Components of Acquisition Process
The Acquiry acquisition of new technology involves more than just finding the appropriate technology candidates. It is also about identifying the drivers of technology adoption, finding cost-effective models for implementation, and evaluating the impact of new technologies on business. These components of the acquisition include the Acquisition Technology Research (ATR), which is an analysis conducted before an acquisition. The purpose of this research is to determine how the technologies match up with company strategy, vision, and business. This analysis also identifies areas where there is a gap between the acquisition candidate’s strategies and business needs. The key components of the acquisition process therefore are to identify the technology goals and the drivers of technology needs, and to develop the plans to acquire those technologies and driven them to meet the organizational requirements.
Another key component of the process is technology development. Here the process focuses on how the acquired technologies fit with the organizational culture, what types of processes and procedures need to be in place to make use of the technologies, and how to standardize the use of the technologies. Components of technology development include process definition, assessment of the process, the specification of the process, implementation, testing and any maintenance, as well as regulatory consultation. Many a time the acquisition process involves a combination of these three components.
Components of the acquisition process also include Modifications to the acquirable, whether it is a technology or a process. One important way to describe this is to say that modifications are what you do on an existing process in order to make it better. For instance, if you want to make your manufacturing process more efficient so that you can reduce the cost of production, you may consider different processes and modifications to make your process more productive.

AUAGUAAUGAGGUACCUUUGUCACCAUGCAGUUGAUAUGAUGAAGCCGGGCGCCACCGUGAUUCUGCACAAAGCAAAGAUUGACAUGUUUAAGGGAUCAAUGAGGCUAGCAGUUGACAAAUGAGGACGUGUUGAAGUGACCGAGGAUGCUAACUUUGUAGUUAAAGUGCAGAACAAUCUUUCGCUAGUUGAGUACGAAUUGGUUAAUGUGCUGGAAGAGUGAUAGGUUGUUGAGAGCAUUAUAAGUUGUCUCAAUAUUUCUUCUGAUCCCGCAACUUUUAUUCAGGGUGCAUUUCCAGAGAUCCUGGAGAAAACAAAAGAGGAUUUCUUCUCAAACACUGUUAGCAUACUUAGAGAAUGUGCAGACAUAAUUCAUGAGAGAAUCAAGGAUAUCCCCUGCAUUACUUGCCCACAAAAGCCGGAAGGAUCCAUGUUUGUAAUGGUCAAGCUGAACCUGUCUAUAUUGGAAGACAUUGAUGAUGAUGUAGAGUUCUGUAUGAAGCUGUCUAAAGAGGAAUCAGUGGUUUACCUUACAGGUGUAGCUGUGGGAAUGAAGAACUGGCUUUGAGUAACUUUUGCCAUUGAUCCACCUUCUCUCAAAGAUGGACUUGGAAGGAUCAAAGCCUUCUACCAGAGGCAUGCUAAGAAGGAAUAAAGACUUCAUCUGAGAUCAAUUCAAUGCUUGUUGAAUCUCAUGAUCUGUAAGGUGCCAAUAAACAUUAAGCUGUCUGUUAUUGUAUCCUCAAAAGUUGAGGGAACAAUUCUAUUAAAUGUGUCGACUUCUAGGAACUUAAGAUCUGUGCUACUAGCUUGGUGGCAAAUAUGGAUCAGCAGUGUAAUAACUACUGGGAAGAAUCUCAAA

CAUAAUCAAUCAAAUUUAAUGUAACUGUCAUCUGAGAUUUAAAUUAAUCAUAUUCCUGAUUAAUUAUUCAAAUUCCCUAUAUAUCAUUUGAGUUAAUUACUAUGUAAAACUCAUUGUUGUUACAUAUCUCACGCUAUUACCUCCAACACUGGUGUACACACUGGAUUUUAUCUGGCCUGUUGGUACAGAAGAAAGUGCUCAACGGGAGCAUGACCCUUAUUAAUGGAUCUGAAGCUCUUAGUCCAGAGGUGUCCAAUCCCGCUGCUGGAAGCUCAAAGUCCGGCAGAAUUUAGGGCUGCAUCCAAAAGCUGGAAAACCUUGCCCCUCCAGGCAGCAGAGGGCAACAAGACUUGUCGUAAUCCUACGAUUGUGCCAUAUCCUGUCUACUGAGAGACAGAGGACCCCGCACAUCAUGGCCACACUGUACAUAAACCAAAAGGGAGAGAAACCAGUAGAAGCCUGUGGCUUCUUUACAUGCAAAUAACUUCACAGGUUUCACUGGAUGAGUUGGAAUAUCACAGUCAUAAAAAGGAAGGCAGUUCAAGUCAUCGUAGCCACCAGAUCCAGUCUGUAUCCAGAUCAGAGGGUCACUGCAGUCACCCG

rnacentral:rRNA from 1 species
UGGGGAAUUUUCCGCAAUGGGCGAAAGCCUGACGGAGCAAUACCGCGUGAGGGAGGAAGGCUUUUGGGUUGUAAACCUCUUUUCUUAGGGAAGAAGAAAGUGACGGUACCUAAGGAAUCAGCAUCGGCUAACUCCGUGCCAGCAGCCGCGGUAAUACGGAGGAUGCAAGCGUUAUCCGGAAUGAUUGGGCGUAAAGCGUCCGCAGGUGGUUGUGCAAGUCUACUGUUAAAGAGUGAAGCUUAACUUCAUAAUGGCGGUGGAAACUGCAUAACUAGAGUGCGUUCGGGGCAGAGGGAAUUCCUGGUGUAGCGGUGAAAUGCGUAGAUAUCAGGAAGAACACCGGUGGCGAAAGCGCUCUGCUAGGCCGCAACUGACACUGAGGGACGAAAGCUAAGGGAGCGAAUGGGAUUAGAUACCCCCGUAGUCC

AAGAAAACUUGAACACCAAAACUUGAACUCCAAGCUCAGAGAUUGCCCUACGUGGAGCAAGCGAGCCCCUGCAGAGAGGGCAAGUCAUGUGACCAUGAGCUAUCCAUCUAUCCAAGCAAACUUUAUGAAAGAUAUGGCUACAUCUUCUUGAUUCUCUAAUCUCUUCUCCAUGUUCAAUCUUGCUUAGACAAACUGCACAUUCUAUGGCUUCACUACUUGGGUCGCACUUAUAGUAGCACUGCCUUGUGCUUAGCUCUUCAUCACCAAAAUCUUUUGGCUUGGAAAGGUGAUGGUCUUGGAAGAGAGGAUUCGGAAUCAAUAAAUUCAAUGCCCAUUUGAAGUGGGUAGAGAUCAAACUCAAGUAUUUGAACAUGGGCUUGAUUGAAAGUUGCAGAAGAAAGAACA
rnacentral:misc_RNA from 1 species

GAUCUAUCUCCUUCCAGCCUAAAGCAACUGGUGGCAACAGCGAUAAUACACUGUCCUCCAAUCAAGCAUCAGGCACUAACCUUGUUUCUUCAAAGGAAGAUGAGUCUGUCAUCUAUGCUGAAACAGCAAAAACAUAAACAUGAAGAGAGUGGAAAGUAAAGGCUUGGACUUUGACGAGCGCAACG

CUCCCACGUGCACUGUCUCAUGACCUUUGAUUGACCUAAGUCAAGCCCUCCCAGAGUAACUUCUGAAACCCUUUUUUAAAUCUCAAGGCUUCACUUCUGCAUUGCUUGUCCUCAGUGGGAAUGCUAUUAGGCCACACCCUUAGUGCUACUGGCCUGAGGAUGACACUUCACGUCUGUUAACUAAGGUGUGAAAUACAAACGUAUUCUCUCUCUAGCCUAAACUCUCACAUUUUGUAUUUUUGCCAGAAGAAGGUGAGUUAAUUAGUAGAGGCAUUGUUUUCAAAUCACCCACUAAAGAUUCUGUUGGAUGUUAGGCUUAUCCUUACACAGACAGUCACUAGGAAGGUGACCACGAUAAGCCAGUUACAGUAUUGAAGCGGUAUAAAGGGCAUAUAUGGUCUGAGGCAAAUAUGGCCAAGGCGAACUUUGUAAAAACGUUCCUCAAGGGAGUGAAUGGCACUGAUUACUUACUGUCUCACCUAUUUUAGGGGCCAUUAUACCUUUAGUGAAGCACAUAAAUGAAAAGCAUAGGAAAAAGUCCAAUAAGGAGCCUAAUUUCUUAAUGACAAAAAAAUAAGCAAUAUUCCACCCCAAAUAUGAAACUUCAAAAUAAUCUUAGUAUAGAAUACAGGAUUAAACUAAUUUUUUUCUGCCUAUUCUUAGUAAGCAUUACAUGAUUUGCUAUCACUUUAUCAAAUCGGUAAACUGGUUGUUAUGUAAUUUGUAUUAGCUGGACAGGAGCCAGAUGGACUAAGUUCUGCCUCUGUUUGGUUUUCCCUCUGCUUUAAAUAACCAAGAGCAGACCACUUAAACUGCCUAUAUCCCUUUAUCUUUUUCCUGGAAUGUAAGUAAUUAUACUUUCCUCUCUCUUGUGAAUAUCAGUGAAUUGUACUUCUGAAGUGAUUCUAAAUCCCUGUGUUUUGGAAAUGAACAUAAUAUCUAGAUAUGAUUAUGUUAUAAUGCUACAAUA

Another component is that of a project manager. This person is responsible for driving the acquisition activities and also for bringing together the people who will be involved in the process, namely the prospective clients, suppliers, and the various technologies that are being used. Project management in the context of a warship acquisition project involves ensuring that enough funds are available to be spent and that there are no delays in getting the warship built.
A third component is that of an open systems concept. In simple terms, this would mean that the acquisition ship is given a “newness” rating before any of the components of the acquisition are decided upon. For example, if the United States Navy was interested in procuring a number of new nuclear-powered fast patrol boats, it would first put forth a request for proposals from commercial ship builders in order to determine how many of each of these ships could be produced, how quickly these ships could be put to work, etc. Once a suitable commercial ship was found, then the process of negotiation and bidding for the contract would commence.
As you can see from the list above, components of acquisition are critical to the overall success of the procurement activities. If these components of the acquisition were not available or if the process was too complicated, then the procurement budget would be limited and therefore constrained in its ability to procure modern ships and weaponry for our Navy and Marine Corps. To date, the three most critical components of acquisition are (a) a clear definition of the requirements, (b) a determination of the lowest priced source, and (c) a method for a competitive price. This last component is perhaps the most difficult of the three, because it involves a rigorous process of price comparison across numerous vendors, which leads many people to call this the hardest component of the process. To make sure that this last component of the process is not weakened in the next few years as a result of emerging threats and expensive upgrades, it is important that this process remains very competitive.